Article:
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Why Dolby Vision HDR Matters

by Paul Strauss

4K displays are becoming more and more ubiquitous these days, with prices dropping dramatically in the last couple of years, it’s now possible to get your hands on a UHD display for as little as $400 these days, depending on the size and other features, of course. One feature that’s started to show up on the mid- and higher-tier displays is something called HDR – also known as high dynamic range video. HDR can make a huge difference in the quality of images, and the premier version of the technology is called Dolby Vision.

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I recently spent some time with one of Vizio’s latest 4K UHD displays which supports Dolby Vision, the 50″ Smartcast M-Series display. Packing the latest in display technology, along with a whiz-bang new interface powered by Google ChromeCast, it packs quite an impressive punch, especially given the fact that it’s currently available for just $749.99. The 65″ M-Series isn’t that much more, at just $1299.99, and displays are available all the way up to 80.”

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You might think that a 4K display is all you need to enjoy the highest quality image, but you’d be wrong. Videos encoded with Dolby Vision tech produce the most astounding range of color, contrast and depth ever seen on a home theater display. What this means in real world terms is that movies come to life in ways that frankly look even better than they do on in the theater.

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What Dolby Vision does is provide a much wider range between the darkest darks and the whitest whites, producing an impressive level of depth and immersion. In fact, watching HDR 4K titles in Dolby Vision is more satisfying than watching a movie in 3D, since there are no pesky glasses, or the artifacts and headaches that come along with them. Colors are insanely vibrant, and light sources literally pop off the screen. In purely technical terms, Dolby Vision is capable of reproducing a range 0f 0.0001 to 10,000 nits of brightness – though the HDR displays on the market today peak out at 4,000 nits – but that’s still up to 40 times brighter than conventional display tech.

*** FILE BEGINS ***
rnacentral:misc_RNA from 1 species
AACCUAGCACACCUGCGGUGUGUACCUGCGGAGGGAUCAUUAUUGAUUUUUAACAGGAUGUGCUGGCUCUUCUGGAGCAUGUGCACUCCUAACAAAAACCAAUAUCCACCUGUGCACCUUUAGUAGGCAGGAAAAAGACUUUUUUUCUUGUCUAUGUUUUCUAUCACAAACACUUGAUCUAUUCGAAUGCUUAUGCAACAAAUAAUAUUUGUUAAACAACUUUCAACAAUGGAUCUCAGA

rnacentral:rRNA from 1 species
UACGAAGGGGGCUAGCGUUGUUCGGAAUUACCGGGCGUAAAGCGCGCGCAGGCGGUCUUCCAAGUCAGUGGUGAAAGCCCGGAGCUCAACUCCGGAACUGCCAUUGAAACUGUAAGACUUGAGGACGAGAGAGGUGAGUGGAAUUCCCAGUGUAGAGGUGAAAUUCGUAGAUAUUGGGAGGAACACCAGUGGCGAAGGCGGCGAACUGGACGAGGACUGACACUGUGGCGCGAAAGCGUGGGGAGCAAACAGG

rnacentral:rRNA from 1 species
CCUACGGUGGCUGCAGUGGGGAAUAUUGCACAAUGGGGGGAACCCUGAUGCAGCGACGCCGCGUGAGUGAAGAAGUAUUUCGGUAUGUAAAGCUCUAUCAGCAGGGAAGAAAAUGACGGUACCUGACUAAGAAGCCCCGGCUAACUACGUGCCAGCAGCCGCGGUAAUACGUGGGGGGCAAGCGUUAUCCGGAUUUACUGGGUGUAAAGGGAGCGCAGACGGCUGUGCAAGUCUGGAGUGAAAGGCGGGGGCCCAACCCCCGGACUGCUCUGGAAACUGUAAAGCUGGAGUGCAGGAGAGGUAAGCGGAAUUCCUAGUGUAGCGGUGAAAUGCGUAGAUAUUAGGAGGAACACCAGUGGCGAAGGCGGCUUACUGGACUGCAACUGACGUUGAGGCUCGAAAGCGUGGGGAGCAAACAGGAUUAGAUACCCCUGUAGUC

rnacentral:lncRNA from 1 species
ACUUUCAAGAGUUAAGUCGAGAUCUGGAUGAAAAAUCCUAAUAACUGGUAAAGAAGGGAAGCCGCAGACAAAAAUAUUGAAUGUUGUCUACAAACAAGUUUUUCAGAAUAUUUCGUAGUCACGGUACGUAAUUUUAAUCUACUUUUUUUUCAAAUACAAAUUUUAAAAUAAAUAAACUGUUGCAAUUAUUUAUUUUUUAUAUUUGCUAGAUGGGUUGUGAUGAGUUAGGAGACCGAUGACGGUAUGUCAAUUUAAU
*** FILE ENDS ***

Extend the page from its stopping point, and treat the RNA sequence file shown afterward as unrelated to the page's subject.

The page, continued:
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Regular displays start to wash out and lose color saturation in as they approach peak brightness. But with Dolby Vision, those areas can retain their color. This is best observed in movie scenes with colorful light sources, like the bright illumination on the Jaegers in Pacific Rim.

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The high dynamic range also makes things like beams of light punch through and pop straight off the screen, and scenes where there are bright flashes like lightning are especially effective and intense. The explosive storm scene in Mad Max: Fury Road is particularly awe-inspiring when viewed in Dolby Vision.

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Part of what makes Dolby Vision work so well is that it’s encoded during the movie production process, capturing color and contrast inherent in the source material, but heretofore unseen by viewers. Color grading and tuning is done by moviemakers on Dolby Vision displays, so what you see at home is closer to what they saw in the studio than ever before.

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As amazing as the picture quality is, there’s still not a massive amount of Dolby Vision encoded content available. I found the best source to be VUDU, who currently has about 50 4K UHD titles, many encoded with Dolby Vision, as well as Dolby Atmos sound – which adds great dimensionality to the audio. In addition to the aforementioned Pacific Rim and Fury Road, some of the other titles worth checking out are The LEGO Movie, Batman v. Superman, the Sherlock Holmes movies, and Oblivion, among others. You can also find a handful of Dolby Vision content on Netflix, but they have plans to release much more, including its Marvel originals, like Daredevil, Jessica Jones, and Luke Cage.

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For content not encoded in Dolby Vision, the Vizio M-Series still offers an impressively sharp and vivid image, minus the color and contrast pop you get with HDR content. Thanks to a recent firmware update, the displays also support HDR10, a less robust HDR tech, most frequently used on UHD Blu-Ray discs. HDR10 only offers 10-bit color, while Dolby Vision requires 12-bit color, providing a much broader color gamut than HDR10. In addition Dolby Vision offers greater overall precision, since its content can be dynamically adapted to the specific capabilities of the display it’s being viewed on.

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I’ve done my best to capture what I saw in my Dolby Vision testing, using photos that I captured directly from the screen of the Vizio M-Series display. However, no photograph can fully capture the true image quality of Dolby Vision tech, so I recommend heading down to your local electronics store and asking for a demo in person. Personally, I’m ready to upgrade my display so I can take advantage of this incredible visual technology.

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